• One Health
  • Pain Management
  • Oncology
  • Geriatric & Palliative Medicine
  • Ophthalmology
  • Anatomic Pathology
  • Poultry Medicine
  • Infectious Diseases
  • Dermatology
  • Theriogenology
  • Nutrition
  • Animal Welfare
  • Radiology
  • Internal Medicine
  • Small Ruminant
  • Cardiology
  • Dentistry
  • Feline Medicine
  • Soft Tissue Surgery
  • Urology/Nephrology
  • Avian & Exotic
  • Preventive Medicine
  • Anesthesiology & Pain Management
  • Integrative & Holistic Medicine
  • Food Animals
  • Behavior
  • Zoo Medicine
  • Toxicology
  • Orthopedics
  • Emergency & Critical Care
  • Equine Medicine
  • Pharmacology
  • Pediatrics
  • Respiratory Medicine
  • Shelter Medicine
  • Parasitology
  • Clinical Pathology
  • Virtual Care
  • Rehabilitation
  • Epidemiology
  • Fish Medicine
  • Diabetes
  • Livestock
  • Endocrinology

Organization supports spaying and neutering by private practitioners


Maddie's Fund thinks veterinarians are the best way to stop overpopulation.

Veterinarians who collaborate with their local shelters are just the kind of practitioners Richard Avanzino, president of Maddie's Fund, hopes to find. Maddie's Fund is a national foundation established by a wealthy couple who made a promise to their beloved dog that if they struck it rich, they'd use their wealth to help animals. Dedicated to ending the need for euthanasia in the United States, Maddie's Fund has a $300 million endowment so far and expects to receive as much as $1 billion. Part of that money will go into bringing private-practice veterinarians into the animal-welfare cause. "The resources of the private sector need to be brought into play to help tackle pet overpopulation," Avanzino says. "Veterinarians are the best-equipped to advise pet owners on wellness programs, spaying and neutering, and behavior problems. They can keep dogs and cats out of shelters."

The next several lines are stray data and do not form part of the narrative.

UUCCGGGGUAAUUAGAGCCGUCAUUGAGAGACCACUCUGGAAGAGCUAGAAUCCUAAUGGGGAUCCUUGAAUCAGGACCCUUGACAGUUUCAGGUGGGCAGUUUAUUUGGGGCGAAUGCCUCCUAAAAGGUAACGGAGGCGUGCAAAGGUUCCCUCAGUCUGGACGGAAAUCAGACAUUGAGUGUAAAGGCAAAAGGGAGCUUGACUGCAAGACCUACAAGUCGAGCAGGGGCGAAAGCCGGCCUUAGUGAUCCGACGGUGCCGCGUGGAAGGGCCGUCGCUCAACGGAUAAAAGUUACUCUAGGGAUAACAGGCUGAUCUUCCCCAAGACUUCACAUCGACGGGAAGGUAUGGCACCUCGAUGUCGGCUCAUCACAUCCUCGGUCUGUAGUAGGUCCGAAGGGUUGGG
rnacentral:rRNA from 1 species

Maddie's Fund is currently spending more than $500,000 in Las Vegas to pay private practitioners to provide spays and neuters for pets belonging to low-income residents. The money is also paying for a northern Nevada TV advertising campaign promoting the importance of regular visits to the veterinarian. Another Maddie's Fund program in New York City paid private practitioners to spay and neuter pets owned by people on Medicaid.

Veterinarians receive Maddie's Fund subsidies for spay and neuter procedures only if they're involved with a participating animal welfare coalition. A list of current coalitions and projects can be found on the Maddie's Fund Web site.

Related Videos
Senior Bernese Mountain dog
© 2023 MJH Life Sciences

All rights reserved.